“15 And count the patience of our Lord as salvation, just as our beloved brother Paul also wrote to you according to the wisdom given him, 16 as he does in all his letters when he speaks in them of these matters. There are some things in them that are hard to understand, which the ignorant and unstable twist to their own destruction, as they do the other Scriptures.”
Though we don’t know for sure, it is likely that the false teachers twisted Paul’s writings to promote their loose lifestyles. This way the used the Scriptures to promote this way of life, making them sound Biblical. The reality is, they were twisting the truth. It is important to note that in 2 Peter 3:16 the apostle Peter classifies the letters of Paul with the Old Testament Scripture. Thus recognising that Paul’s letters are Scripture.
3. DOXOLOGY (3:17-18)
The third and final duty of delight Peter provides for us is doxology. The word “doxology” means to praise God. While we live out our days here waiting for the return of our King, we are to praise and glorify God. Consider the final verses of this book,
“17 You therefore, beloved, knowing this beforehand, take care that you are not carried away with the error of lawless people and lose your own stability. 18 But grow in the grace and knowledge of our Lord and Savior Jesus Christ. To him be the glory both now and to the day of eternity. Amen.” (3:17-18).
As we take care not to be carried away by the error of the false teachers, we are to make it our pursuit to grow in grace. In these final verses we learn that growing in grace comes when we make much of Christ. The great doxology at the end of verse 18 says, “To him be the glory both now and to the day of eternity”. The “Him” in this text is a reference to Jesus Christ. This clearly affirms the Deity of Jesus because God does not share His glory with anyone. Isaiah 42:8 says, “I am the Lord; that is my name; my glory I give to no other, nor my praise to carved idols”. John Calvin notes that the significance of the word “now” “is designed for this end, that we may not rob Christ of his glory, during our warfare in the world” (Calvin’s Commentaries, 2 Peter). The glorify Christ now and to the day of eternity is the goal of our growth.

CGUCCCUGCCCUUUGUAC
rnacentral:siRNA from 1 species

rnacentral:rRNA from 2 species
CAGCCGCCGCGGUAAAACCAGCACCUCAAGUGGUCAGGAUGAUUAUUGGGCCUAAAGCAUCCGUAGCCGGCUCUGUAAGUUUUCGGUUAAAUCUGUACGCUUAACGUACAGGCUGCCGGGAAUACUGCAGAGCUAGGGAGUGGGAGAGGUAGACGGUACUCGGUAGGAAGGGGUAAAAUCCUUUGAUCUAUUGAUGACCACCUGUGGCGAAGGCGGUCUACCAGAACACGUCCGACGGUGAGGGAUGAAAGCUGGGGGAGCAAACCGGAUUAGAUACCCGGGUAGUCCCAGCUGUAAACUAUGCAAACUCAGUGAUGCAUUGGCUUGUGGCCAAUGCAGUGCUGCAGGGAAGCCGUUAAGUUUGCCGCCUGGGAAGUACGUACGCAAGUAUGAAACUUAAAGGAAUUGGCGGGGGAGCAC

The salvation we enjoy as God’s people has come by means of the grace of God and is sustained by the grace of God. Peter began (1:2) and ended (3:18) his letter on theme of grace. Apart from God’s grace we would not be able to make it to the coming eternal kingdom. So while we wait for that great day, we are to strive with our delightful duties, fuelled by God’s grace, to grow in the grace and knowledge of Christ.